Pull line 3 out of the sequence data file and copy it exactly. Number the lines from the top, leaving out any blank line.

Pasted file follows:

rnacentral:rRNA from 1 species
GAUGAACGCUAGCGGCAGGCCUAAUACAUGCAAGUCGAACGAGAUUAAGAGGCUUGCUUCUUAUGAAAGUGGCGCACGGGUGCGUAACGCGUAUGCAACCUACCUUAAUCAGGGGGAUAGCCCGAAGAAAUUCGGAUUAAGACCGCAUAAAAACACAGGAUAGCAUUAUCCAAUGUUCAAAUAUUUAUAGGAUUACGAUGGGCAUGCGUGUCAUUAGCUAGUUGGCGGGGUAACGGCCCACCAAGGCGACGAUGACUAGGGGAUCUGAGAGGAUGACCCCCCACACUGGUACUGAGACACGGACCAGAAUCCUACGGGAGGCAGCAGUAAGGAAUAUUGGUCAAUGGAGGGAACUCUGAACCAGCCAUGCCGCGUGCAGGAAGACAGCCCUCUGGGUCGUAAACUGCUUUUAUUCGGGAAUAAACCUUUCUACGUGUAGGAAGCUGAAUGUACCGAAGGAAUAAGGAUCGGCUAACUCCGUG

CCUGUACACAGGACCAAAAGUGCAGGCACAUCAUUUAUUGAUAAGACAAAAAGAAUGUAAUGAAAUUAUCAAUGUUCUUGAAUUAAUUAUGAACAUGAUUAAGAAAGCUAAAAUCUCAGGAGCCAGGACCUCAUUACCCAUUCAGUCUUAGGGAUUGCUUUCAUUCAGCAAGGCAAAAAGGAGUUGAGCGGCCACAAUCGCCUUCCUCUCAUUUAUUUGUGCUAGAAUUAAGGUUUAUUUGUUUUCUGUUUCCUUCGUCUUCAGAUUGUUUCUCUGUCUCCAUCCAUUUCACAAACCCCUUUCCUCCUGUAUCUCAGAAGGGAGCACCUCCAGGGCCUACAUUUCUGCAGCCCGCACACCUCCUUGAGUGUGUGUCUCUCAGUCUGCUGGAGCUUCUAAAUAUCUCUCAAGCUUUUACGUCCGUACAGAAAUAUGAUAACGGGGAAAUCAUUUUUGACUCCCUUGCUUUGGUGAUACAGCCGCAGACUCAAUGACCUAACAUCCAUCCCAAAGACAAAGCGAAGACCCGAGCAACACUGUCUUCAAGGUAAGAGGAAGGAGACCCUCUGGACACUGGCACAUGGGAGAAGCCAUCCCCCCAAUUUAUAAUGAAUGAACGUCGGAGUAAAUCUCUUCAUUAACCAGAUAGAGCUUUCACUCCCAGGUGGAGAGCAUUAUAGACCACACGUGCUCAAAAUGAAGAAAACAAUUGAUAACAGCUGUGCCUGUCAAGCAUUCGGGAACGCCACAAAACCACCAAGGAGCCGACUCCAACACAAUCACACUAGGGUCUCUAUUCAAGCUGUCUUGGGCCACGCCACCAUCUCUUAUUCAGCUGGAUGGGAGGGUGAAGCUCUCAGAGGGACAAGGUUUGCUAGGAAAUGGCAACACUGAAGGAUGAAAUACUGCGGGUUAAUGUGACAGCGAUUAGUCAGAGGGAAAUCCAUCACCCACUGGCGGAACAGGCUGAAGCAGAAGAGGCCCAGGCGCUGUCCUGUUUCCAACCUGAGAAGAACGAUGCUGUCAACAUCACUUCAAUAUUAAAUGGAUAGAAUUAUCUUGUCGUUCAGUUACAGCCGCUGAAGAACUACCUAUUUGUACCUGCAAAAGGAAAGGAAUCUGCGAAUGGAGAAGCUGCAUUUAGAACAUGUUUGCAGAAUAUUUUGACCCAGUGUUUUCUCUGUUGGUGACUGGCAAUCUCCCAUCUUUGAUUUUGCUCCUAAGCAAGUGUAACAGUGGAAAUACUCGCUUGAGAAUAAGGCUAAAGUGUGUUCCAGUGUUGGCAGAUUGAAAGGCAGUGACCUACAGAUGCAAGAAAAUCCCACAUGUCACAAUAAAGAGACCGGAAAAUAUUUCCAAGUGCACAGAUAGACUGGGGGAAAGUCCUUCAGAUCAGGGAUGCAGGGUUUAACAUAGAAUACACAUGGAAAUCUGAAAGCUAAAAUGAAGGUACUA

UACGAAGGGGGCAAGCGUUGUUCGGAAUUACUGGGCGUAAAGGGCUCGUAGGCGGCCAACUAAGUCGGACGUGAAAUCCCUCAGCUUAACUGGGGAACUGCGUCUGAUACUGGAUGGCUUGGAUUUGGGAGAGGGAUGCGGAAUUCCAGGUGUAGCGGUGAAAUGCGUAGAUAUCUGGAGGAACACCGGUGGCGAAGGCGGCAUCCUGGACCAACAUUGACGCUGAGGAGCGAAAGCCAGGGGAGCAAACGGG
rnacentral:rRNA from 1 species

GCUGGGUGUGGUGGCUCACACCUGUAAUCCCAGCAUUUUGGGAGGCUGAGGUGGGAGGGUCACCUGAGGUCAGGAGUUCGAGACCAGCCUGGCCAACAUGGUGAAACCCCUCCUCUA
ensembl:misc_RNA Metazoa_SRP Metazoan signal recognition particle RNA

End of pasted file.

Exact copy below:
CCUGUACACAGGACCAAAAGUGCAGGCACAUCAUUUAUUGAUAAGACAAAAAGAAUGUAAUGAAAUUAUCAAUGUUCUUGAAUUAAUUAUGAACAUGAUUAAGAAAGCUAAAAUCUCAGGAGCCAGGACCUCAUUACCCAUUCAGUCUUAGGGAUUGCUUUCAUUCAGCAAGGCAAAAAGGAGUUGAGCGGCCACAAUCGCCUUCCUCUCAUUUAUUUGUGCUAGAAUUAAGGUUUAUUUGUUUUCUGUUUCCUUCGUCUUCAGAUUGUUUCUCUGUCUCCAUCCAUUUCACAAACCCCUUUCCUCCUGUAUCUCAGAAGGGAGCACCUCCAGGGCCUACAUUUCUGCAGCCCGCACACCUCCUUGAGUGUGUGUCUCUCAGUCUGCUGGAGCUUCUAAAUAUCUCUCAAGCUUUUACGUCCGUACAGAAAUAUGAUAACGGGGAAAUCAUUUUUGACUCCCUUGCUUUGGUGAUACAGCCGCAGACUCAAUGACCUAACAUCCAUCCCAAAGACAAAGCGAAGACCCGAGCAACACUGUCUUCAAGGUAAGAGGAAGGAGACCCUCUGGACACUGGCACAUGGGAGAAGCCAUCCCCCCAAUUUAUAAUGAAUGAACGUCGGAGUAAAUCUCUUCAUUAACCAGAUAGAGCUUUCACUCCCAGGUGGAGAGCAUUAUAGACCACACGUGCUCAAAAUGAAGAAAACAAUUGAUAACAGCUGUGCCUGUCAAGCAUUCGGGAACGCCACAAAACCACCAAGGAGCCGACUCCAACACAAUCACACUAGGGUCUCUAUUCAAGCUGUCUUGGGCCACGCCACCAUCUCUUAUUCAGCUGGAUGGGAGGGUGAAGCUCUCAGAGGGACAAGGUUUGCUAGGAAAUGGCAACACUGAAGGAUGAAAUACUGCGGGUUAAUGUGACAGCGAUUAGUCAGAGGGAAAUCCAUCACCCACUGGCGGAACAGGCUGAAGCAGAAGAGGCCCAGGCGCUGUCCUGUUUCCAACCUGAGAAGAACGAUGCUGUCAACAUCACUUCAAUAUUAAAUGGAUAGAAUUAUCUUGUCGUUCAGUUACAGCCGCUGAAGAACUACCUAUUUGUACCUGCAAAAGGAAAGGAAUCUGCGAAUGGAGAAGCUGCAUUUAGAACAUGUUUGCAGAAUAUUUUGACCCAGUGUUUUCUCUGUUGGUGACUGGCAAUCUCCCAUCUUUGAUUUUGCUCCUAAGCAAGUGUAACAGUGGAAAUACUCGCUUGAGAAUAAGGCUAAAGUGUGUUCCAGUGUUGGCAGAUUGAAAGGCAGUGACCUACAGAUGCAAGAAAAUCCCACAUGUCACAAUAAAGAGACCGGAAAAUAUUUCCAAGUGCACAGAUAGACUGGGGGAAAGUCCUUCAGAUCAGGGAUGCAGGGUUUAACAUAGAAUACACAUGGAAAUCUGAAAGCUAAAAUGAAGGUACUA